Re: 11G Statistics Collection

From: Mladen Gogala <>
Date: Mon, 16 Apr 2012 22:47:22 +0000 (UTC)
Message-ID: <jmi7hq$vcm$>

On Mon, 16 Apr 2012 22:15:49 +0200, Robert Klemme wrote:

> I don't understand: if data distribution at time of "nailing" favors one
> index while at other times access via this index is slower than FTS how
> then would you call that a "working approach" - other than the query
> will eventually return (modulo snapshot too old or other issues)?
> Kind regards
> robert

Robert, the greatest problem in the system room is called "instability". If one nice morning end users discover that what used to perform well the last night is now horribly slow, the DBA is in trouble and his credibility is undermined.
On the other hand, the change because of the volume is never drastic, the change because of data volume is always gradual: there are few blocks more, the query will be a few milliseconds slower. That I can live with. When things slow down over night because of the new statistics, the change is very sudden, as in "sudden death". That I cannot live with.

When the performance begins to cause the concern, I will see what I can do, first on the development system, then QA system, then UAT system, using Swingbench, and eventually, the change will get into production. Controlling the change to the production database is one of the two major duties of any DBA. The second is to ensure data availability and never to lose even one bit of data. The change is not good, as PHB would like you believe. The change is only good if its result is predictable. That is not the case with gathering the database statistics. I've seen many situations where insufficiently thought of statistics collection has caused performance deterioration. Collecting statistics is a big change that has potentially an enormous impact on performance. I don't want to collect statistics automatically any more that I want to give my development department access to production.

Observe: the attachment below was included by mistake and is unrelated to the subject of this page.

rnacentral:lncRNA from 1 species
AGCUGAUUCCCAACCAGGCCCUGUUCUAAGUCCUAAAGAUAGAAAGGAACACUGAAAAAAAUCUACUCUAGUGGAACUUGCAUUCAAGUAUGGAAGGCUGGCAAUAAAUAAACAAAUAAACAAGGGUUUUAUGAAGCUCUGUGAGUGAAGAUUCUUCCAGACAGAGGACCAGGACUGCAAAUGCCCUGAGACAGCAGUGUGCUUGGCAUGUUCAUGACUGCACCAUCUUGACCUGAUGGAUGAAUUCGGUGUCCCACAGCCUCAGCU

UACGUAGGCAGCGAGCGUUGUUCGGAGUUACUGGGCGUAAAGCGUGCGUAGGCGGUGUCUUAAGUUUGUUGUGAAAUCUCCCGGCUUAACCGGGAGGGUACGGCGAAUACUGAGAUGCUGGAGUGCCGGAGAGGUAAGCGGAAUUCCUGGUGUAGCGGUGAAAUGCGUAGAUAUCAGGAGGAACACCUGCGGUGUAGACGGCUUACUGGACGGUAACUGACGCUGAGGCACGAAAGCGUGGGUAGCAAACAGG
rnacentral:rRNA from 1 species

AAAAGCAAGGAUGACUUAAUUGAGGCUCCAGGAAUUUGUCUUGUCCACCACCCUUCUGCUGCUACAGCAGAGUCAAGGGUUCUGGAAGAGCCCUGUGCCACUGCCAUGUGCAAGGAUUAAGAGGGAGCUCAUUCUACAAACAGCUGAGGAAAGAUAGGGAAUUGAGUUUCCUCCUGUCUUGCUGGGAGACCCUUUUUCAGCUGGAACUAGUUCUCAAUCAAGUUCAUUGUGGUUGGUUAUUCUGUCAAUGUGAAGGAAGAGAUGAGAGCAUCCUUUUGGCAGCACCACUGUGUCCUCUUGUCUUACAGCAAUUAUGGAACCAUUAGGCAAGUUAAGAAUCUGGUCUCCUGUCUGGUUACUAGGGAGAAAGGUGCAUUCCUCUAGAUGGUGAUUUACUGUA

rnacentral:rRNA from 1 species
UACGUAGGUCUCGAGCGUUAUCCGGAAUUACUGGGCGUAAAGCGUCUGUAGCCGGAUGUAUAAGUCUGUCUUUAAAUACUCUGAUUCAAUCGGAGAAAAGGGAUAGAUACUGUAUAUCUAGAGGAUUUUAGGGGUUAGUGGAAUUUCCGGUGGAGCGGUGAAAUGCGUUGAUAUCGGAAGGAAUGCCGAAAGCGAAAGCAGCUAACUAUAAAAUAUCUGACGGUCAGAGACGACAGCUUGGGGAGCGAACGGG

I don't understand your reasoning. Would you allow a duhveloper with a cunning plan of the Baldrick type to implement it in production without the proper QA? If the answer to that question is a resounding "no", why would you allow a potentially disastrous thing like stats collection to happen without QA, automatically?
This is something that every DBA should have in his cubicle, to resist an impulse to change things with the weather or new technology:

Received on Mon Apr 16 2012 - 17:47:22 CDT

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